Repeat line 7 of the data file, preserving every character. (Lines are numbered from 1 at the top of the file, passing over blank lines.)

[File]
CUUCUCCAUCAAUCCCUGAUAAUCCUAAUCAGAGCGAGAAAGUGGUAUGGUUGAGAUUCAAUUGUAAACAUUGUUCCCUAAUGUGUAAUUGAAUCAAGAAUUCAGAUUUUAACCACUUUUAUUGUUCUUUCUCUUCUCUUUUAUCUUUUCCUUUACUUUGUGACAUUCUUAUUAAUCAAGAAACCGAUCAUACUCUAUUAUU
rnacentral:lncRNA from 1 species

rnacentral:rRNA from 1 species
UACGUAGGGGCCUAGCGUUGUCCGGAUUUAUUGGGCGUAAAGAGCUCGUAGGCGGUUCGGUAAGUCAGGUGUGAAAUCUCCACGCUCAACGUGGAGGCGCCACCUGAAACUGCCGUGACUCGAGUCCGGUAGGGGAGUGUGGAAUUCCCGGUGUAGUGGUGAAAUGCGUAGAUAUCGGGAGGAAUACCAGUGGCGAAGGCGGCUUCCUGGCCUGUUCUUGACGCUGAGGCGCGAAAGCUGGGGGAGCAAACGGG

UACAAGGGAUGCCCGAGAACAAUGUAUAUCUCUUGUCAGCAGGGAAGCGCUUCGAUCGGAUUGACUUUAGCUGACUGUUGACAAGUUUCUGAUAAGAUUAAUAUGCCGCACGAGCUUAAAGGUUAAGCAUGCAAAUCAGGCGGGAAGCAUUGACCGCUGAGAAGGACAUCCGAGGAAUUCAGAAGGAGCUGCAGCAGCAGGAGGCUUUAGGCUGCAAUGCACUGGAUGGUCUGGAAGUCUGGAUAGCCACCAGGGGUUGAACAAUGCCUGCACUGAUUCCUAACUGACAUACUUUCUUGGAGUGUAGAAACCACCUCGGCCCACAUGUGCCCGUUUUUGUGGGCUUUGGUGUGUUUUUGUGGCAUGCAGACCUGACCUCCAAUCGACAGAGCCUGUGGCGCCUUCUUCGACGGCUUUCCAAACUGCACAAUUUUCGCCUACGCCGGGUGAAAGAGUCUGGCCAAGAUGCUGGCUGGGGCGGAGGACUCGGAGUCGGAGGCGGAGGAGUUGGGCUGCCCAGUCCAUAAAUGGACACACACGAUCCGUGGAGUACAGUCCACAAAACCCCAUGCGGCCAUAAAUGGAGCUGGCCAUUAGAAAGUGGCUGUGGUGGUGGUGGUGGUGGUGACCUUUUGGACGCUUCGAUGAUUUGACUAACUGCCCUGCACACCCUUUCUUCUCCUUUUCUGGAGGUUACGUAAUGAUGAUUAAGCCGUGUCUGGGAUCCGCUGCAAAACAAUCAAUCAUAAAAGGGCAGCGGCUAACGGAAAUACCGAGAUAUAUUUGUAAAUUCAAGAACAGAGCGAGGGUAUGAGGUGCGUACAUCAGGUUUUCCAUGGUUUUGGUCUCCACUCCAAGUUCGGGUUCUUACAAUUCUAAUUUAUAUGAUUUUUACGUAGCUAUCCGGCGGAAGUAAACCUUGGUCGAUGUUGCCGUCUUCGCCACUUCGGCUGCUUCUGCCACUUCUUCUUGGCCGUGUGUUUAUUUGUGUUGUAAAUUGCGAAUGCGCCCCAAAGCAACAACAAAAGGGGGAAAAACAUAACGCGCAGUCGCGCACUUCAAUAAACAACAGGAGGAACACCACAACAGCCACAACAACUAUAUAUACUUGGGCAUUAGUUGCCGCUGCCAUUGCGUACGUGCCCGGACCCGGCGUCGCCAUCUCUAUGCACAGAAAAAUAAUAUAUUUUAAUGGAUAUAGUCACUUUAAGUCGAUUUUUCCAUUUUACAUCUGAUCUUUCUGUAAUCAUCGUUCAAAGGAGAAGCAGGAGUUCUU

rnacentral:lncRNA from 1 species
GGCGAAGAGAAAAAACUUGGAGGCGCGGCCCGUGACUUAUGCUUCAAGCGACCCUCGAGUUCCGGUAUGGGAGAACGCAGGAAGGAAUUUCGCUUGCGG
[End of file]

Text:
GGCGAAGAGAAAAAACUUGGAGGCGCGGCCCGUGACUUAUGCUUCAAGCGACCCUCGAGUUCCGGUAUGGGAGAACGCAGGAAGGAAUUUCGCUUGCGG